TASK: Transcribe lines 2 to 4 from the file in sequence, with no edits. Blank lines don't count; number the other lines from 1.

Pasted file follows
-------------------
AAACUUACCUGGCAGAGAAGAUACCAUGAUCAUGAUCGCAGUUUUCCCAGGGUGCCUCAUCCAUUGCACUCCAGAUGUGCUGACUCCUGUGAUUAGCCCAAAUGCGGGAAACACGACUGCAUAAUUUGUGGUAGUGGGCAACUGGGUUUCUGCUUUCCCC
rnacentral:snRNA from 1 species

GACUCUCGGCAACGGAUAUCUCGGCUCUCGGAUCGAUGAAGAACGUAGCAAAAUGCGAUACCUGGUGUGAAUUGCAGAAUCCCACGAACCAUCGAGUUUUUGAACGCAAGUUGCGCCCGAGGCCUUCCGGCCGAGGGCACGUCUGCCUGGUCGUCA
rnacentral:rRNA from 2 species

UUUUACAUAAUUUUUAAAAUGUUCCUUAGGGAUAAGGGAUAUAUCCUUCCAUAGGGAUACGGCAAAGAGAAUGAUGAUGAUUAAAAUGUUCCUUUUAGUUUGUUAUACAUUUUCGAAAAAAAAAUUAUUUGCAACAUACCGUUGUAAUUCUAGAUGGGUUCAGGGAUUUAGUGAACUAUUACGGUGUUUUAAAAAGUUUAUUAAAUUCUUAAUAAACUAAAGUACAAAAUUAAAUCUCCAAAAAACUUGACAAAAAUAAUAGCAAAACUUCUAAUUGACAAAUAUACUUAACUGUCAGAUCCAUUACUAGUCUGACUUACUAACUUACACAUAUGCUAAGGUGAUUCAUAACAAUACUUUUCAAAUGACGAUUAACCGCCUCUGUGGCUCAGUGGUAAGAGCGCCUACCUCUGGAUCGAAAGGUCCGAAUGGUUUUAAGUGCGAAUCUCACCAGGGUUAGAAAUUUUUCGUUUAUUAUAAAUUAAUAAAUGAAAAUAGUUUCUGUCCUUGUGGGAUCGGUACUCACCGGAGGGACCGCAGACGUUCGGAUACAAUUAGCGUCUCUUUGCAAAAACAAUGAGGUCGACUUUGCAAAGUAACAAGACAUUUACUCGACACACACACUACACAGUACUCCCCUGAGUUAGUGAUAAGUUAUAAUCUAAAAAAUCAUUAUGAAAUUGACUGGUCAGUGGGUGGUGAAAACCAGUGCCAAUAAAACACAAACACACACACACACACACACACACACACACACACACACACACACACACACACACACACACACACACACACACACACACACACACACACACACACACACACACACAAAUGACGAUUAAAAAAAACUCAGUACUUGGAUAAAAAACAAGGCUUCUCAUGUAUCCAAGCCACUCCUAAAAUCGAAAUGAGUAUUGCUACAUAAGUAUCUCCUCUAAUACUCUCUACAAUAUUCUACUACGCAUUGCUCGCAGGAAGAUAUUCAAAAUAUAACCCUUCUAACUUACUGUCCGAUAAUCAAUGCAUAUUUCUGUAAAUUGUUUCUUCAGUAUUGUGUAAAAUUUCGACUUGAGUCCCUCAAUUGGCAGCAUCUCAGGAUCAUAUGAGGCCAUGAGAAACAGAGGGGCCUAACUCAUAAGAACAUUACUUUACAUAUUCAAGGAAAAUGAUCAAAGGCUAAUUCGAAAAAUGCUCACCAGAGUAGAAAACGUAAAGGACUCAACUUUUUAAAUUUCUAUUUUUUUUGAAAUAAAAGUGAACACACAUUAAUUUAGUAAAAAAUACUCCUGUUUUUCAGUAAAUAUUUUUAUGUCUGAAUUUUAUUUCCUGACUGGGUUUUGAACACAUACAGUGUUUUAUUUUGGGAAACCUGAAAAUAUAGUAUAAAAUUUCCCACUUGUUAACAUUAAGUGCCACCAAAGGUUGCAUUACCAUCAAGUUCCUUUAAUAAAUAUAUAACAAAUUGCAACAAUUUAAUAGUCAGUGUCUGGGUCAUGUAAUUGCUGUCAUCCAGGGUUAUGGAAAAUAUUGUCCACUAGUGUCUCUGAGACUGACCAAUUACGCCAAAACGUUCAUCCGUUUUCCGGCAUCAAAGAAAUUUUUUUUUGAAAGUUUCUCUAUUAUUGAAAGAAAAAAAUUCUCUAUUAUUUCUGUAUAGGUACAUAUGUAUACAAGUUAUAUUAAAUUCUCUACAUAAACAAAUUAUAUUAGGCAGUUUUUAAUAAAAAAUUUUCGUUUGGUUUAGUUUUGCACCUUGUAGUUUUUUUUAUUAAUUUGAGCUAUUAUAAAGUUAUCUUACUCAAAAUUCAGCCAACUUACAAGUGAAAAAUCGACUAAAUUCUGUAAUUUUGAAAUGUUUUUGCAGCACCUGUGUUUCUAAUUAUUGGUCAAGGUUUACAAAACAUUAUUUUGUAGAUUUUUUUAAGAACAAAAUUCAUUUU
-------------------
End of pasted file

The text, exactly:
rnacentral:snRNA from 1 species

GACUCUCGGCAACGGAUAUCUCGGCUCUCGGAUCGAUGAAGAACGUAGCAAAAUGCGAUACCUGGUGUGAAUUGCAGAAUCCCACGAACCAUCGAGUUUUUGAACGCAAGUUGCGCCCGAGGCCUUCCGGCCGAGGGCACGUCUGCCUGGUCGUCA
rnacentral:rRNA from 2 species